Definitions for Hospiceˈhɒs pɪs
This page provides all possible meanings and translations of the word Hospice
a lodging for travelers (especially one kept by a monastic order)
a program of medical and emotional care for the terminally ill
The provision of palliative care for terminally ill patients, either at a specialized facility or at a residence, and support for the family, typically refraining from taking extraordinary measures to prolong life.
A specialized facility or organization offering palliative care for the terminally ill.
A lodging for pilgrims or the destitute, normally provided by a monastic order.
Origin: From hospice, from hospise, from hospitium.
a convent or monastery which is also a place of refuge or entertainment for travelers on some difficult road or pass, as in the Alps; as, the Hospice of the Great St. Bernard
Origin: [F., fr. L. hospitium hospitality, a place where strangers are entertained, fr. hospes stranger, guest. See Host a landlord.]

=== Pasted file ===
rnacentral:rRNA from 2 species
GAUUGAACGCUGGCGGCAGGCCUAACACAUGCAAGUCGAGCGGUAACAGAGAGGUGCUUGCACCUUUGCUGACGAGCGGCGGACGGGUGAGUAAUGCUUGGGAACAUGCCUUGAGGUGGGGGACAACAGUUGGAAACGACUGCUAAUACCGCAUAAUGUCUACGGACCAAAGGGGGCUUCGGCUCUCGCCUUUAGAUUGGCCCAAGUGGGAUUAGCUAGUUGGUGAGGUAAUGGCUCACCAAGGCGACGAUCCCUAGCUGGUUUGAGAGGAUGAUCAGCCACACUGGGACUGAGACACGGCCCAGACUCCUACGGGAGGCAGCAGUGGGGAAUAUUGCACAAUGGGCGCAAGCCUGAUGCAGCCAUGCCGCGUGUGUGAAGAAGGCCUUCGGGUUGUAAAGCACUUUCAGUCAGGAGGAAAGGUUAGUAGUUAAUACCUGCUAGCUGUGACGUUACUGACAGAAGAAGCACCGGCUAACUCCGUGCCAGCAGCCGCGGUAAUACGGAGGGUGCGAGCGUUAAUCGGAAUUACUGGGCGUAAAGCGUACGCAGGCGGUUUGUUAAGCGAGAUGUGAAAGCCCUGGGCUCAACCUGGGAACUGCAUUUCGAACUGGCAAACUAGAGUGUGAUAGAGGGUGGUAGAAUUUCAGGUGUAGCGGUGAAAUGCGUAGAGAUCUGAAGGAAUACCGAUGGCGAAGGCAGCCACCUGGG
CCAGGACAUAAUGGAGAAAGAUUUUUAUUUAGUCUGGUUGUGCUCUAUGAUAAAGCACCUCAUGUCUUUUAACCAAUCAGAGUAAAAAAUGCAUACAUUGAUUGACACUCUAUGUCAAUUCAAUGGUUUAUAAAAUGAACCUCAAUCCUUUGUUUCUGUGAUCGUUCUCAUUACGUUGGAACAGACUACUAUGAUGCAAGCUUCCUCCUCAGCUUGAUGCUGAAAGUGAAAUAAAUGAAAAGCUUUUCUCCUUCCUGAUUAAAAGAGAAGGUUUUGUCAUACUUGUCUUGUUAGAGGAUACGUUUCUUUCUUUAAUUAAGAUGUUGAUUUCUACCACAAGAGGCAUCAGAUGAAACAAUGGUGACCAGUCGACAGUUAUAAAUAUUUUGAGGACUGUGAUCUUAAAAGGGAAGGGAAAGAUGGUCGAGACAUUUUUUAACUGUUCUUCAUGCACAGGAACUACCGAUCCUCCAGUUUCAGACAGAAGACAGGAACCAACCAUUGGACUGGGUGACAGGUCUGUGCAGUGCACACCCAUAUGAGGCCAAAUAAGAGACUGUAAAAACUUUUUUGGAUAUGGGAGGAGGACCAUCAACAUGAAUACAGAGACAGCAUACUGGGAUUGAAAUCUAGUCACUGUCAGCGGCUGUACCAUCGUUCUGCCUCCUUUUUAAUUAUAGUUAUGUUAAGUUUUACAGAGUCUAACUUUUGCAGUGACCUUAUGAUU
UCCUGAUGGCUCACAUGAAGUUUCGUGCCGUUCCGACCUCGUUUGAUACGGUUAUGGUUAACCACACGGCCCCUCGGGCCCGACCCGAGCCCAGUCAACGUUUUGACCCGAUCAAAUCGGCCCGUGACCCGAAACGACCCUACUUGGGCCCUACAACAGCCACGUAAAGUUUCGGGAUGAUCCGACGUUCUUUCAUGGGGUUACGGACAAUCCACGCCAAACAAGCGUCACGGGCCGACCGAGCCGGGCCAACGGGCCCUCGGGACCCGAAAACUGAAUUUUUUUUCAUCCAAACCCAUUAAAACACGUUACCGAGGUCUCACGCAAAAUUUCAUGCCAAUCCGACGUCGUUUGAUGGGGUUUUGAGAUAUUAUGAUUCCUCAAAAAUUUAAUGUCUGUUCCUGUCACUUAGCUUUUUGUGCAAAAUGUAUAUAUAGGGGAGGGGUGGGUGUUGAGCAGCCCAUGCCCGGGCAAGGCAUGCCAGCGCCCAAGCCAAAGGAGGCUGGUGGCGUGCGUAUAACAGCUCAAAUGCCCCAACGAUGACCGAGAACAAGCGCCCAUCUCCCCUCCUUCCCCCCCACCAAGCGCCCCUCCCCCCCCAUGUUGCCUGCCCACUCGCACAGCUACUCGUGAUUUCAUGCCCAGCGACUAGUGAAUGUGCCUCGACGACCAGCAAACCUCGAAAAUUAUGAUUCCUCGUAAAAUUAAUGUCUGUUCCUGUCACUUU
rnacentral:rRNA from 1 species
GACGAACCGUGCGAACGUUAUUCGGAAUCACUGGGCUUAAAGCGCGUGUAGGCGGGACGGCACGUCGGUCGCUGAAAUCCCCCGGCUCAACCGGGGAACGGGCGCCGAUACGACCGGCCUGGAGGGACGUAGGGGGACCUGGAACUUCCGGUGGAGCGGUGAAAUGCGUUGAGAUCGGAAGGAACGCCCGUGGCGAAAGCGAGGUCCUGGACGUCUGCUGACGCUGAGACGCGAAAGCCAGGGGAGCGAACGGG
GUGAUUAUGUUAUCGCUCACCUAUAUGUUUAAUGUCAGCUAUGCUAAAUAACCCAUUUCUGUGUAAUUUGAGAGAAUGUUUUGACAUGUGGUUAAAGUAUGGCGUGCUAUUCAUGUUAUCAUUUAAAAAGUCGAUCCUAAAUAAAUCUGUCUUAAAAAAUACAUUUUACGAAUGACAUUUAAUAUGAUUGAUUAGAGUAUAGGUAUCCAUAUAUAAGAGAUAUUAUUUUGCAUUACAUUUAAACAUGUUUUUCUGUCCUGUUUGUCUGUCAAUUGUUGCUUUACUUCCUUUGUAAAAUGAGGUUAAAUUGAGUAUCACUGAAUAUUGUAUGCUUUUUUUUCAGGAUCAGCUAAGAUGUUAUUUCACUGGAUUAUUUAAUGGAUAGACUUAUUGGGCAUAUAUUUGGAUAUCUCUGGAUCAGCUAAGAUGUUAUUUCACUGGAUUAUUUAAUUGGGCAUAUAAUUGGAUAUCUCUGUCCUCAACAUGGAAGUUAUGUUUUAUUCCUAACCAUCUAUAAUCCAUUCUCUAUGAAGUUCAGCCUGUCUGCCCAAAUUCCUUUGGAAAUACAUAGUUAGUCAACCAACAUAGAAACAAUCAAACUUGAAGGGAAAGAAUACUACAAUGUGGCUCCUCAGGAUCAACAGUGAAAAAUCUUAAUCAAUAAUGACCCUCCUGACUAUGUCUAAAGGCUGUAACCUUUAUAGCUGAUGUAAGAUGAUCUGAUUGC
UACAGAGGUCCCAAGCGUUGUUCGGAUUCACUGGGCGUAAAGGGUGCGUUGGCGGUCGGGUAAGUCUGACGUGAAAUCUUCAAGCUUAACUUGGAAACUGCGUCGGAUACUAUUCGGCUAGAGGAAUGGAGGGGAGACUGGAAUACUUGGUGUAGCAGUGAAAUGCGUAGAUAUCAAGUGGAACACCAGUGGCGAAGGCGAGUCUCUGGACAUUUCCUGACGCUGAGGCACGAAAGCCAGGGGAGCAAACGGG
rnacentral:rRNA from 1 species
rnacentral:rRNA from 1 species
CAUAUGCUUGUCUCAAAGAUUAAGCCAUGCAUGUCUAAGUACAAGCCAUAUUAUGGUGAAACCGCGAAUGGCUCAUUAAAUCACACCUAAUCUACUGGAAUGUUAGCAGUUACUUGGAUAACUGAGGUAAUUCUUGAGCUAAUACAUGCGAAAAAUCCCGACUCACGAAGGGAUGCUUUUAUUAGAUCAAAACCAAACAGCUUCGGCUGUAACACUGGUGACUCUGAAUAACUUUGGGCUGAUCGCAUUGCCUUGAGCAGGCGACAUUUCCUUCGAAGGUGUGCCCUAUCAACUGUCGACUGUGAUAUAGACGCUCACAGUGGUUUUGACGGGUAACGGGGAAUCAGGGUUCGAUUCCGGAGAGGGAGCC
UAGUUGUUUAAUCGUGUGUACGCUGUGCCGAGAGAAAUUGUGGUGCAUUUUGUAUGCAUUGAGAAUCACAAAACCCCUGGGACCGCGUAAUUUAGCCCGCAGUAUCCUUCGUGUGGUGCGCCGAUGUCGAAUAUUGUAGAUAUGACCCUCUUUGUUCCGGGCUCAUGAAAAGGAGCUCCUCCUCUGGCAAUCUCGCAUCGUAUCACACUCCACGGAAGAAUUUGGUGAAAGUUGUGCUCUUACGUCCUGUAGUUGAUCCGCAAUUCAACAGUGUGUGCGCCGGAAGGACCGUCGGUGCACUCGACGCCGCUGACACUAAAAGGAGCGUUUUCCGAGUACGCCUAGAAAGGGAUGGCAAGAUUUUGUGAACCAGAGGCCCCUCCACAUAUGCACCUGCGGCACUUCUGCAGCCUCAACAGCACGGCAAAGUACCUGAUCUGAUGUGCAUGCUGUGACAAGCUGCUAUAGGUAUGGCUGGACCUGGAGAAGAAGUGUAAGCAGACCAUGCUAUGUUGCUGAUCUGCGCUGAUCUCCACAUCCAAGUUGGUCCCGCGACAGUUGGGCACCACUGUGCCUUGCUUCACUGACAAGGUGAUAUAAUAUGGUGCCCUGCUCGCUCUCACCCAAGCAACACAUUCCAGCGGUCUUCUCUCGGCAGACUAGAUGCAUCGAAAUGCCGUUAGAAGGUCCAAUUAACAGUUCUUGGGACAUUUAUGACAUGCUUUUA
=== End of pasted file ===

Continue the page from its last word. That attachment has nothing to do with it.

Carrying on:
Hospice care is a type and philosophy of care that focuses on the palliative care of a terminally ill or seriously ill patient's pain and symptoms, and attending to their emotional and spiritual needs. Within the United States the term is largely defined by the practices of the Medicare system and other health insurance providers, which make hospice care available, either in an inpatient facility or at the patient's home, to patients with a terminal prognosis who are medically certified to have less than six months to live. Outside the United States, the term hospice tends to be primarily associated with the particular buildings or institutions that specialise in such care. Outside the United States such institutions may similarly mostly provide care in an end-of-life setting; but they may also be available for patients with other specific palliative care needs. The focus of hospice care is on palliation of the patient's pain and symptoms. These symptoms may be physical, emotional, or psychosocial in nature. Hospice care focuses on bringing comfort, self-respect, and tranquility to people in the final years of life. Patients’ symptoms and pain are controlled, goals of care are discussed and emotional needs are supported. Hospice believes that the end of life is not a medical experience, it is a human experience that benefits from expert medical and holistic support that hospice offers. The concept of hospice has been evolving since the 11th century. Then, and for centuries thereafter, hospices were places of hospitality for the sick, wounded, or dying, as well as those for travelers and pilgrims. The modern concept of hospice includes palliative care for the incurably ill given in such institutions as hospitals or nursing homes, but also care provided to those who would rather spend their last months and days of life in their own homes. It began to emerge in the 17th century, but many of the foundational principles by which modern hospice services operate were pioneered in the 1950s by Dame Cicely Saunders. Hospice care also involves assistance for patients’ families to help them cope with what is happening and provide care and support to keep the patient at home. Although the movement has met with some resistance, hospice has rapidly expanded through the United Kingdom, the United States and elsewhere.
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